by Irvin Muchnick
In the first admission that its vaguely defined sex police, the “National Center for Safe Sport,” is running behind schedule, a U.S. Olympic Committee spokesman yesterday told Concussion Inc.:
“We understand and share your frustration about the pace of progress, and are working diligently to raise the funds and make the insurance arrangements necessary to launch the pilot.”
The statement, in an email from Mark Jones, USOC’s senior director of communications, was in response to our July 13 article, “Missing and Exploited Children Experts: The Silent Start-Up of the U.S. Olympic Committee’s ‘National Center for Safe Sport’,” https://concussioninc.net/?p=10179. The article pointed out that a February announcement said USOC’s $5.2 million in funding for the agency would cover the start-up phase “through June.”
I also noted that the now-you-see-it-now-you-don’t agency’s seven-person “advisory council” was missing in action — failing to respond to the most basic media inquiries.
I took these concerns to everyone I could think of, including USOC communications director Patrick Sandusky. I also tried Malia Arrington, “director of ethics and safe sport.”
The most convoluted and disturbing response — a kind of no-comment without portfolio — came from Kacie Wallace, USOC’s new athlete ombudswoman. (Previously, we have covered the transition from former ombudsman John Ruger — who reportedly got pushed out, with a sweet retirement package, just as he was about to sing to federal investigators about USOC’s slow and corrupt handling of sexual abuse complaints. See https://concussioninc.net/?p=9745.)
Wallace referred me to the USOC communications office. It is an understatement to observe that this reinforces doubts about the genuine independence of the athletes’ advocacy office.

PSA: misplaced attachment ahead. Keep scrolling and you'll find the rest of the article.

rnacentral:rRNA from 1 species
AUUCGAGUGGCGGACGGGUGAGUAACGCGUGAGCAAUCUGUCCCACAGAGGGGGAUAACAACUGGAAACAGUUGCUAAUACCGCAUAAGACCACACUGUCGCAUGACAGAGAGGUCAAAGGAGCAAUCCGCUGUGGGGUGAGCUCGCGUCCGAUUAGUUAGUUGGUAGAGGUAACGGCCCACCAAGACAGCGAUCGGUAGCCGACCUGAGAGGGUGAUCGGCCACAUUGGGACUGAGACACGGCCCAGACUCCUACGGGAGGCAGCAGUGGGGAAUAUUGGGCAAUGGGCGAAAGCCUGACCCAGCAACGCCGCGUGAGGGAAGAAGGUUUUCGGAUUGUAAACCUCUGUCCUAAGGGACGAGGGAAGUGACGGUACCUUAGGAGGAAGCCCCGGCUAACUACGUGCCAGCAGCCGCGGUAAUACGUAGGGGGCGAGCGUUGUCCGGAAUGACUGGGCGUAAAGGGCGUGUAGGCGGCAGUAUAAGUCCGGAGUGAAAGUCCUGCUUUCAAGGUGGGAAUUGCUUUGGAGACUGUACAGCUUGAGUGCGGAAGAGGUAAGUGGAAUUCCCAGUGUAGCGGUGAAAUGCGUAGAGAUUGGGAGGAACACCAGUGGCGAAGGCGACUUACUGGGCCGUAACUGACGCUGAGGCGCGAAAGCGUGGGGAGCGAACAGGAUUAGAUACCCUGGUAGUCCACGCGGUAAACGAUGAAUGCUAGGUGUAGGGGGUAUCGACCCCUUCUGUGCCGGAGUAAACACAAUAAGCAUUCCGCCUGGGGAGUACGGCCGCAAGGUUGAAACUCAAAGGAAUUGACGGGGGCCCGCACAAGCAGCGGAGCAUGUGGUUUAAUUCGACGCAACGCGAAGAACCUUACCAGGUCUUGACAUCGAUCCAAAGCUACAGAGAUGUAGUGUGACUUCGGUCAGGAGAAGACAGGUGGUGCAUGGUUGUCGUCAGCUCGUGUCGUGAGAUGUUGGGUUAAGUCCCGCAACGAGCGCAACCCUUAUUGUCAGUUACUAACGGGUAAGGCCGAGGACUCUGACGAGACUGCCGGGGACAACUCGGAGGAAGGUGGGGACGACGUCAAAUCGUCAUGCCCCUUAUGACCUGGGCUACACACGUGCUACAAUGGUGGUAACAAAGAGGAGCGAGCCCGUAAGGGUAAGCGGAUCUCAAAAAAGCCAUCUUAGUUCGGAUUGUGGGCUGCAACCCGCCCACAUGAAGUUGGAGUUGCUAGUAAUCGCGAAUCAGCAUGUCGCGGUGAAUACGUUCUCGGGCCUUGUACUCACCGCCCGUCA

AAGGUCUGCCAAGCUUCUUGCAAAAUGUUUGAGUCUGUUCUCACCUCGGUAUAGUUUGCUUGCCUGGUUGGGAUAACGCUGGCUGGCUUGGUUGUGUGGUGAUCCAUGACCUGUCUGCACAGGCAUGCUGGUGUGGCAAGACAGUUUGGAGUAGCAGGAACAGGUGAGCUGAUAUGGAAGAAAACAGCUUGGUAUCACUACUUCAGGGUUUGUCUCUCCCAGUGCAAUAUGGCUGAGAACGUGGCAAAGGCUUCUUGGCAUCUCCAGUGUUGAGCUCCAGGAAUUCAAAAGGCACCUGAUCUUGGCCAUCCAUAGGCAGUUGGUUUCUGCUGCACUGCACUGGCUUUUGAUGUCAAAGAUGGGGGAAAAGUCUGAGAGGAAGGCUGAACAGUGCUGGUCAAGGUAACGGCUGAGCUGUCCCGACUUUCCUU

In other clown developments, a member of the seven-person “advisory council” for the “National Center for Safe Sport,” Katherine Starr, has rejiggered the website of her ghost organization, Safe4Athletes, to place a year-old survey of athletes (which garnered all of 155 respondents) at the top of its blog listings. This serves to position the December 2, 2014, item “Founder Katherine Starr Joins the USOC Safe Sport Advisory Council,” “Written by Katherine Starr,” back to the second-oldest news on the blog.
With no thanks to America’s major media outlets, the Government Accountability Office, or putative watchdogs such as Congresswoman Jackie Speier, the abuse scandals at USA Swimming and other USOC national sport governing bodies are gaining international attention — most notably through the renewed inquiries into the American machinations behind the 20-year residency here of former rapist Irish national swim team coach George Gibney.
The purpose of the “National Center for Safe Sport” is to mollify the few who are paying attention. Today even the USOC is acknowledging that the center is an empty vessel. The longer it takes to make the agency real and operational, the even less will the public notice.